Or, of course, you could consider outsourcing your logistics altogether.
Why The Falling Value of the Pound Isn't Good For Small Business Imports
Consider the construction industry. Due to the strong pound it has enjoyed relatively cheap imports of building materials. Steadily rising costs of material and a weakened pound means that it becomes more expensive to buy in goods resulting in a two-fold process:
- Firstly, this means that buying materials from UK businesses providing similar services becomes more economical. So this actually helps some sectors of the economy.
- Secondly, despite this, overall costs have still risen, meaning the actual costs of building and construction have gone up. And that means higher prices for consumers.
This has prompted more emphasis on government initiatives aimed at helping house building and construction including the bold new plans at jump starting the housing market.
Despite this, the basic problem remains, imports are more expensive and building costs have risen.
...But A Devalued Pound Can Help Exporters
Cheaper Sterling means British exports become more attractive, and it should follow there will be increased exports.
Exporters and anyone who sells their goods abroad will benefit from a weaker pound. What the weak pound does is help British exporters sell their goods cheaper and this benefits foreign buyers who are getting more product and therefore more profit from their purchase. This ensures that British products - which tend to be much higher value than comparative foreign products are more competitive.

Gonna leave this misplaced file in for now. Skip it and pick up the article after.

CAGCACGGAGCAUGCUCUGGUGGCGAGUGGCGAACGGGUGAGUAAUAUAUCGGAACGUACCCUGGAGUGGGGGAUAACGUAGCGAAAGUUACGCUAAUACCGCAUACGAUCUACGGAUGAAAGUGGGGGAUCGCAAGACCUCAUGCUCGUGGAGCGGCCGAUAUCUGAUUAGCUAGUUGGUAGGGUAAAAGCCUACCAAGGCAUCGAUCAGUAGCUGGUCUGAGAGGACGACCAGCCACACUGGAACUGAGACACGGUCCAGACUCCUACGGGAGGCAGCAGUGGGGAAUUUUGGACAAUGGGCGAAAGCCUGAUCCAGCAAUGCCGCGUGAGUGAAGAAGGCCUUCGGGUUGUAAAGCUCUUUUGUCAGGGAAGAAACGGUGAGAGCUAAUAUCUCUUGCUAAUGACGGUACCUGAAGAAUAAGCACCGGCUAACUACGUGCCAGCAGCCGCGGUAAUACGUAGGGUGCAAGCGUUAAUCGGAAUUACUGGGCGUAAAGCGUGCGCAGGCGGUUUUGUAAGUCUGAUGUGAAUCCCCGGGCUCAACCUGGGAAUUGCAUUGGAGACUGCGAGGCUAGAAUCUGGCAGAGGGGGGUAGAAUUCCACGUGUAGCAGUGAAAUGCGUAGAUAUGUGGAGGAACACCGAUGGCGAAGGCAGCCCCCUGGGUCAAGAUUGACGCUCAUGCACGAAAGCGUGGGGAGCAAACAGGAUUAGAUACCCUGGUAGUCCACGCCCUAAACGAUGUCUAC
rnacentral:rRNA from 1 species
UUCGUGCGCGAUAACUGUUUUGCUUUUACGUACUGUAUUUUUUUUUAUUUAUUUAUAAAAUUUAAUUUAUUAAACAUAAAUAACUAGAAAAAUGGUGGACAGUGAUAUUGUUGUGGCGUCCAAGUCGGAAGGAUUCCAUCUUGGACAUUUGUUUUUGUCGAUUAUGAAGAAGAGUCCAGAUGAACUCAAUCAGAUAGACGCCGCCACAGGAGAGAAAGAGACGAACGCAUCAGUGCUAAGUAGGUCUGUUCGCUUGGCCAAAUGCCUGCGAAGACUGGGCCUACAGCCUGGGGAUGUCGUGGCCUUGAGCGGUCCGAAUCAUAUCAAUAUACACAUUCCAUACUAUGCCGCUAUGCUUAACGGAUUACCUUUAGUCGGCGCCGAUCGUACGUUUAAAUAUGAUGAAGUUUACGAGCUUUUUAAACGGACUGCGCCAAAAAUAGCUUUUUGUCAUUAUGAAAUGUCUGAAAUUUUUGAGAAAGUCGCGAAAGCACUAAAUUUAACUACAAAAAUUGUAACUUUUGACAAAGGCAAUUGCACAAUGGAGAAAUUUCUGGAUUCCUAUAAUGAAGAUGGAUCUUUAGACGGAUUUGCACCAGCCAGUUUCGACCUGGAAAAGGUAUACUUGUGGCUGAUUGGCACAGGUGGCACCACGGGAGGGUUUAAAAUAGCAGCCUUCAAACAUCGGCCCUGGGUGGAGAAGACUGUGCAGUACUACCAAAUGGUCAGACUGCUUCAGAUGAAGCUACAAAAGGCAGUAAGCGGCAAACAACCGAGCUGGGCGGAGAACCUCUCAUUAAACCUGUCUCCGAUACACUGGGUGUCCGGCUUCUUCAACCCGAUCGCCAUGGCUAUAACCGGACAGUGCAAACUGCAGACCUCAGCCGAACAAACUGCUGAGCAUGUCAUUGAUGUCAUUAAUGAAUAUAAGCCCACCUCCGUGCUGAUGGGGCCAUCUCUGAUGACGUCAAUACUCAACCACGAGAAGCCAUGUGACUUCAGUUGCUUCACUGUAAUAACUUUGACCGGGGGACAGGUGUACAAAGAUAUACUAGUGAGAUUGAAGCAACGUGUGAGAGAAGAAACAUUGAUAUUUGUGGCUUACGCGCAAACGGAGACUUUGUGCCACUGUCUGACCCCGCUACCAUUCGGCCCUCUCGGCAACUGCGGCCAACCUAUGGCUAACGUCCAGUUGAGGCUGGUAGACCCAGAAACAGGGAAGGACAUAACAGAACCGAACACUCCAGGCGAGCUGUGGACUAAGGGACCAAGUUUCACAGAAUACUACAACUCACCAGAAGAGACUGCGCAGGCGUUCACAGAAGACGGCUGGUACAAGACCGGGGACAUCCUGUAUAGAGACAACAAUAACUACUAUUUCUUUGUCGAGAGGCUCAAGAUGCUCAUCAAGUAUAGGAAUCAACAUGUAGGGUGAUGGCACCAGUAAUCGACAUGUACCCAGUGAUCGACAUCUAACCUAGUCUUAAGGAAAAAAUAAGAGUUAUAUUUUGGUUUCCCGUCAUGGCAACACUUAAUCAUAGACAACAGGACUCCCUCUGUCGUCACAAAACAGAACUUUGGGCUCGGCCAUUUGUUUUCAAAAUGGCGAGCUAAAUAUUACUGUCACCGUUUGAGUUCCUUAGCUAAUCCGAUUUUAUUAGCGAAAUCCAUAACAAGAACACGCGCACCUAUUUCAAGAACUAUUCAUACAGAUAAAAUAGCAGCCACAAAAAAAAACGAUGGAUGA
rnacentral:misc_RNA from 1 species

Anna Leach, CBI Head of Economics sums up the position for the UK's exporting small businesses:
"It's been a strong [first quarter] for UK manufacturers, with production growing robustly and overseas demand on the up. The fall in the pound seems to be finally helping to lift demand for UK manufactured goods. Manufacturers are expecting output to grow at the fastest rate since 1995. But the flip side is that cost pressures are widespread and manufacturers expect factory-gate prices to continue to rise strongly in 2017, putting pressure on prices generally"
The Role of Brexit on Importing and Exporting is a Major Talking Point
The potential effect of Brexit has yet to be seen, the falling pound has enabled export products to become much more tangible, certainly in the EU and beyond. Yet the next two years could see an end - or at least a change - to trade deals for UK exporters and its effect is as yet unknown.
- Possible import duties and tariffs
- The gap between trade negotiations and agreements
- Reduced investment
The net result could see an impact to importers that rely on foreign-supplied goods including:
- Fruit and vegetables
- Transport equipment
- Electrical components
- Minerals and metals
Access Commercial Finance & Import Export Loans
We can offer quick business loans for your import or export requirements, helping your business become more competitive in the global marketplace - pivotal during the next two years of Brexit negotiations and trade deals.
Maintain a steady cashflow and so your suppliers are paid and offer better credit terms if you are an exporter, with an influx of capital.
Import export finance is a useful short-term finance solution for anyone who brings goods in or sends good out of the UK and it’s worth talking to us to see what we can do.
Application usually involves an online business loan quote, and caters for applications for finance designed to meet your emergency needs so you aren't left fighting fires without a hose. Especially when trying to bridge the gap in funding that importing and exporting overseas can encounter.
Every business has circumstances where it is imperative finance is raised quickly to avoid either further costs or missed opportunities.
For those businesses that have generally good credit, going to a high street bank won't cut it. Funds are needed quicker than standard bank loan applications. So turning to an alternative lender as your choice of short term finance can fulfil your funding requirements. Whatever they are.